Breast Ovarian Cancer (BRCA1 & BRCA2)


Familial Breast Ovarian Cancer Panel

 Breast/ovarian cancer is among the most common types of cancer in the world. It’s known that 5-10% of breast cancer cases are familial. Many genes have been identified that are involved in hereditary predisposition to breast and/or ovarian cancer. The most important of these genes are BRCA1 and BRCA2 genes responsible for HBOC (Hereditary Breast and Ovarian Cancer) syndrome. Mutations in BRCA1 and BRCA 2 genes are the most important causes of hereditary breast and ovarian cancers. Approximately 46-87% of these cancers are caused by mutations in these two genes.

What genetic tests are associated with breast and ovarian cancer?

  • BRCA1 and 2 Whole Gene Sequencing
  • BRCA1 and 2 Deletion / Duplication Test: Deletion / Duplication screening is performed with the MLPA method for the analysis of these mutations.
  • Examination of other genes associated with Breast / Ovarian Cancer: With the Next Generation Sequencing Method (NGS), other susceptibility genes associated with breast and/or ovarian cancer are screened.

Who should have a genetic test?

  • Those diagnosed with breast cancer at the age of 50 or older
  • Those diagnosed with ovarian cancer
  • Those with multiple primary cancer foci in both breasts or one breast
  • Men diagnosed with breast cancer
  • Those diagnosed with triple-negative (estrogen receptor, progesterone receptor, and her2/neu negativity) breast cancer, especially before the age of 60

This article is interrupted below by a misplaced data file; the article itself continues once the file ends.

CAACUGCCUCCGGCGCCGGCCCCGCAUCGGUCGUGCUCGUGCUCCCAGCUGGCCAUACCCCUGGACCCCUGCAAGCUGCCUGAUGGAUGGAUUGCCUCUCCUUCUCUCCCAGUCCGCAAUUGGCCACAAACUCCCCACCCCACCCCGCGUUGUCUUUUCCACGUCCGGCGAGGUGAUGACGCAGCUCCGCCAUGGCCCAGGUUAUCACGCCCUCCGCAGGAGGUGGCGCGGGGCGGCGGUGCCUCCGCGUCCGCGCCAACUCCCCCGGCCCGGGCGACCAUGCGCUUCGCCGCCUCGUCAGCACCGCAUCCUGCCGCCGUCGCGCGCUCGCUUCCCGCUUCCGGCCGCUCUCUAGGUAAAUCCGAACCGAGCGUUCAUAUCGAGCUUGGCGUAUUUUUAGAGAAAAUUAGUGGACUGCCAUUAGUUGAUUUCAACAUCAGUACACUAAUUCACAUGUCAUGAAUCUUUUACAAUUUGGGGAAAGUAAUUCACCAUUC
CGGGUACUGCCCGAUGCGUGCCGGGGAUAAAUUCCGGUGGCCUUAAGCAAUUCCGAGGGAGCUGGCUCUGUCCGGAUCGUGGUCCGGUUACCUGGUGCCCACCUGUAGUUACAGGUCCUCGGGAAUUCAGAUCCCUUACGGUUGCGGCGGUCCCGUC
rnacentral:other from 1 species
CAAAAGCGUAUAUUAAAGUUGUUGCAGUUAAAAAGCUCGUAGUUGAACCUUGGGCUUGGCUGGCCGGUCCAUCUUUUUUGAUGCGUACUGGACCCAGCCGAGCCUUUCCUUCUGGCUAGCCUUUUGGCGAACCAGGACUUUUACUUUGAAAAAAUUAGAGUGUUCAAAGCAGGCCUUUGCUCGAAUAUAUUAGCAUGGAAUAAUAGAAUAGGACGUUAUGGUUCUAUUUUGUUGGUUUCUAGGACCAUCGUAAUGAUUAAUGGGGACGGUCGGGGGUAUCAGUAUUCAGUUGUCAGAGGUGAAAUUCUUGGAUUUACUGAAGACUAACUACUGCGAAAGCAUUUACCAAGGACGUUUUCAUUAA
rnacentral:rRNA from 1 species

• Those diagnosed with pancreatic and prostate cancer along with breast or ovarian cancer
  • Those with two or more relatives who are 50 years or younger with a diagnosis of breast cancer
  • Those whose family has a mutation in BRCA1 or BRCA2 genes

Why do we recommend breast and ovarian cancer genetic tests (brca1 / 2)? What is its benefit for the patient?

  • In individuals with mutations, whether other family members carry the mutation or not, it is possible to provide more accurate information about the risk of cancer.
  • Individuals with a diagnosis of breast / ovarian Ca with mutations;
  • It provides a more accurate surgical procedure.
  • Prophylactic (conservative) surgery may be recommended to reduce the risk of recurrence and cancer in other tissues and organs.
  • In patients who will be given chemotherapy, it is possible to choose target-oriented drugs.
  • Individuals with the mutation have a 50% probability of passing the mutation to their children. To prevent this, pregnancy can be recommended with the selected embryo (Preimplantation Genetic Diagnosis).

Genetic counseling in breast and ovarian cancer

BRCA1 and BRCA2 are inherited in an autosomal dominant manner. The vast majority of individuals with the BRCA1 or BRCA2 pathogenic variant inherited it from one parent. While many people have a family history of cancer, the majority of breast and ovarian cancers are not actually due to hereditary causes. Cancers that occur due to genetic differences in the genetic makeup of the parents, called ‘mutations’, that can be passed on to later generations, namely their children, are called ‘hereditary cancers’. Genetic counseling is recommended for inherited cancer syndromes before and after genetic testing. Detection of hereditary gene mutations is possible by analyzing the tissue and blood samples taken from the person with genetic techniques. It is recommended that these test results be obtained with genetic counseling.